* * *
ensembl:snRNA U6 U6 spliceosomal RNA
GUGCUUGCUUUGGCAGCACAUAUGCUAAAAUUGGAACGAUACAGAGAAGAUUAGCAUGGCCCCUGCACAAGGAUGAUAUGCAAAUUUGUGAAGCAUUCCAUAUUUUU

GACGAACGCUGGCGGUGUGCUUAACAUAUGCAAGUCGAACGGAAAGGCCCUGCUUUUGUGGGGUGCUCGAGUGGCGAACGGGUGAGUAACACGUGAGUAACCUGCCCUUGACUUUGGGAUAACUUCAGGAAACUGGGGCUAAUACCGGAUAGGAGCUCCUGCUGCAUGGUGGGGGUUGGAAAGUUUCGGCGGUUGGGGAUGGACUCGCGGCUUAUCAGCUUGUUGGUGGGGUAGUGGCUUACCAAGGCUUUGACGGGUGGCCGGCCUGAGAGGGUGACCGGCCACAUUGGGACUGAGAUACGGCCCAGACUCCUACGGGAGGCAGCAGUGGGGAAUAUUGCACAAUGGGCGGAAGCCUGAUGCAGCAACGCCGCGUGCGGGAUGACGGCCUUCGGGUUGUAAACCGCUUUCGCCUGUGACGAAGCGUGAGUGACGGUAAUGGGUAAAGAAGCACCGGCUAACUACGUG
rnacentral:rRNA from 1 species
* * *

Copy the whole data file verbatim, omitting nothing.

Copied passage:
ensembl:snRNA U6 U6 spliceosomal RNA
GUGCUUGCUUUGGCAGCACAUAUGCUAAAAUUGGAACGAUACAGAGAAGAUUAGCAUGGCCCCUGCACAAGGAUGAUAUGCAAAUUUGUGAAGCAUUCCAUAUUUUU

GACGAACGCUGGCGGUGUGCUUAACAUAUGCAAGUCGAACGGAAAGGCCCUGCUUUUGUGGGGUGCUCGAGUGGCGAACGGGUGAGUAACACGUGAGUAACCUGCCCUUGACUUUGGGAUAACUUCAGGAAACUGGGGCUAAUACCGGAUAGGAGCUCCUGCUGCAUGGUGGGGGUUGGAAAGUUUCGGCGGUUGGGGAUGGACUCGCGGCUUAUCAGCUUGUUGGUGGGGUAGUGGCUUACCAAGGCUUUGACGGGUGGCCGGCCUGAGAGGGUGACCGGCCACAUUGGGACUGAGAUACGGCCCAGACUCCUACGGGAGGCAGCAGUGGGGAAUAUUGCACAAUGGGCGGAAGCCUGAUGCAGCAACGCCGCGUGCGGGAUGACGGCCUUCGGGUUGUAAACCGCUUUCGCCUGUGACGAAGCGUGAGUGACGGUAAUGGGUAAAGAAGCACCGGCUAACUACGUG
rnacentral:rRNA from 1 species